Japan's consumer prices in April rose for the first time in more than two years on a spike in energy and tobacco prices, the government said Friday.
Japan's core consumer price index, which excludes fresh food, climbed 0.6 percent last month from a year earlier, marking the first year-on-year increase since December 2008, the Ministry of Internal Affairs and Communications said.
The rise in Japanese consumer prices was mainly due to a jump in gasoline and tobacco prices. The ministry said education costs were also higher in April. On a month-on-month basis, Japan's core consumer price index was up 0.4 percent last month.
But economist Hiroshi Watanabe at the Daiwa Institute of Research said the April increase in consumer prices does not mean Japan's economy has emerged from deflation.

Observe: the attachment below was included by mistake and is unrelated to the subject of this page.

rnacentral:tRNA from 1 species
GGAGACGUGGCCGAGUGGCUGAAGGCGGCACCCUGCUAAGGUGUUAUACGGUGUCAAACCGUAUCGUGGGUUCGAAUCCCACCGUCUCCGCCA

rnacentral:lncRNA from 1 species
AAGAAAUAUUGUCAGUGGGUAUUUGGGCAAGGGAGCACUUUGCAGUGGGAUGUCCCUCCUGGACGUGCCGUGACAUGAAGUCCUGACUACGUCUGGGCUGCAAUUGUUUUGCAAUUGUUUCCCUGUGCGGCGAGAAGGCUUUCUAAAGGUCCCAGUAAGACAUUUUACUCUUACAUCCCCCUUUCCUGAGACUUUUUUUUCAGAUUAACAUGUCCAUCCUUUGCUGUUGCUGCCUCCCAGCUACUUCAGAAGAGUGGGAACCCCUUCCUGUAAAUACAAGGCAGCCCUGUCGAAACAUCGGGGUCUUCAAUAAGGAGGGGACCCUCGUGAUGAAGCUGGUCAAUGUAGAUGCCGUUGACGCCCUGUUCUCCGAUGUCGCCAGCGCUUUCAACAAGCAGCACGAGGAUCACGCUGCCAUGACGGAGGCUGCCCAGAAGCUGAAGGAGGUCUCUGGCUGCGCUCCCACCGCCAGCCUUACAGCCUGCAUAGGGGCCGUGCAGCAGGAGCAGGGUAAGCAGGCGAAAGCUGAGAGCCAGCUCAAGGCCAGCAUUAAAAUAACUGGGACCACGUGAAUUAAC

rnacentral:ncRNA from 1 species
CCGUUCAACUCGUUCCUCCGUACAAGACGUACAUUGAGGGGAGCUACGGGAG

"The April results were mainly lifted by temporary factors, such as a surge in tobacco prices. Overall, Japan's economy still remains under deflationary pressure as the economy has yet to post a steady recovery," he said.
The world's No. 3 economy has been battling periods of deflation — or a steady decline in prices — since the 1990s. Deflation is a burden as it can hamper economic growth by depressing company profits, sparking wage cuts and causing consumers to postpone purchases. It also can increase debt burdens.
Faced with tumbling output and exports following the March 11 earthquake and tsunami, Japan's economy recently slipped into a recession after contracting at an annualized rate of 3.7 percent in the January-March quarter.
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